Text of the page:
There is a new twist in the multi-billion-dollar financial scandal surrounding the Malaysian investment fund 1MDB – possible Chinese involvement.
Malaysia’s new government – which took office only in May – has suspended three major construction projects with Chinese firms.
A senior ministry official told the BBC that it believes that two of the contracts, for pipelines, were used to launder money for Malaysia’s previous administration, led by the former Prime Minister, Najib Razak.
These allegations open a new front in the inquiries into 1MDB, which is already being investigated in the US, Switzerland and Singapore.
The finance ministry’s accusations also represent a sharp change in mood in Malaysia towards China since Mr Najib lost power.
The investigations into 1MDB are being led by Malaysia’s finance ministry, housed in a vast curved building in Putrajaya, a purpose-built town to the south of Kuala Lumpur that has been the country’s administrative capital for the past two decades.
Until the election in May, Tony Pua was an opposition MP who spent much of his time talking about 1MDB, which he calls “the great grandmother of all scandals”.
He made a series of scurrilous videos about the fund and its alleged connection to Mr Najib.
But now Mr Pua’s party is in government and he has been employed as a special officer to the finance minister to look through the mountains of documentation related to 1MDB.
Before his current job, he said he worked with “dribs and drabs” of information about 1MDB – but not any more. “Now, anything you ask for, the tap opens like a beer barrel,” he told the BBC in an interview at the ministry.
Mr Pua said the new administration had been astounded by what it had found, which has extended the scope of what was previously known about 1MDB, including links to Chinese firms.
Earlier this month (6 July), the ministry announced that it had suspended three big contracts with Chinese companies.
Two of those are pipeline schemes worth a combined total of $2.3bn (£1.7bn).
The ministry’s new leaders were staggered to discover that 88% of the contract cost had been paid to the Chinese company in charge, China Petroleum Pipeline Bureau – but only 13% of the work had been completed.
Mr Pua said building work had not even started; only consultancy studies had so far been completed.
“The entire project smelt like a scam. [There were] clearly elements of money laundering taking place,” he said.
“We were giving money out – to a Chinese company – and we suspect this money is being funnelled to parties related to the previous administration.”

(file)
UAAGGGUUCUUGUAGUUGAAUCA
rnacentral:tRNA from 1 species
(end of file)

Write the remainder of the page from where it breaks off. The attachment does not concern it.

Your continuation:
He said the ministry believes the money was being used to cover debts linked to 1MDB, which he said now stand at more than $12bn.
Emails to China Petroleum Pipeline Bureau about Mr Pua’s allegations went unanswered, but the Chinese embassy in London gave its response.
“We have noted the relevant report. China has all along conducted economic, trade and investment cooperation with Malaysia, as well as other countries, with the principle of mutual benefit and win-win outcomes,” said a spokesman.
Malaysia’s finance ministry has also suspended the East Coast Rail Link, which is being built by the China Communications Construction Company.
It said the cost of the rail line, $20bn, “must be reduced significantly to make it viable financially”.
The ministry said the suspension of both the pipelines and the rail link were not directed at “any particular country”, but the new government in Malaysia has certainly brought about a change in attitude to links with China.
The new Prime Minister, Mahathir Mohamad, is expected to travel to China in August, when some of the suspended contracts could be renegotiated.
But China’s nationalistic newspaper, the Global Times, warned Malaysia not to push China too hard.
“If [Mr] Mahathir wants to review big projects agreed to by his predecessor and damage the interests of Chinese companies, those companies have the right to claim compensation,” it said in an editorial.
Professor Terence Gomez, of the University of Malaya, said the close relationship between China and Malaysia that existed until the election in May was convenient to both sides.
He said Mr Najib needed foreign investment and China under Xi Jinping was willing to provide it as part of its Belt and Road initiative, which aims to connect the country with the rest of Asia and beyond.
“Two state governments, both authoritarian regimes, both single dominant party states with powerful leaders, had an agenda,” he said.
Professor Gomez said many of those investments were good for Malaysia, such as last year’s deal by the Chinese car firm Geely to buy a stake in the ailing Malaysian automaker, Proton.
And he said there was still an appetite in the new government for Chinese money. He pointed out that one of the first businessmen to visit Mr Mahathir when he took office was the Chinese e-commerce billionaire, Jack Ma.
But some Chinese investments now appear to be tangled up with the investigations into 1MDB, which was set up by Najib Razak in 2009 to spur economic development in Malaysia.
So far, the only tangible product of 1MDB is a new business district being built in central Kuala Lumpur called Tun Razak Exchange, where workmen swelter in the heat to complete the project.
As for Mr Najib, earlier this month he appeared in Kuala Lumpur High Court charged with four counts of stealing a total of $10m from a subsidiary of 1MDB.
He denies the charges, and has always denied other wrongdoing related to the investment fund. Many of the hundreds of people who turned up for his first court appearance were supporters who believe in the former prime minister’s innocence.
But the current government has already indicated that these are just the first of what could be many more charges brought against Mr Najib.
“We have to pace ourselves to make sure we do not miss anything,” said Tony Pua, before heading back to his office to study more documents.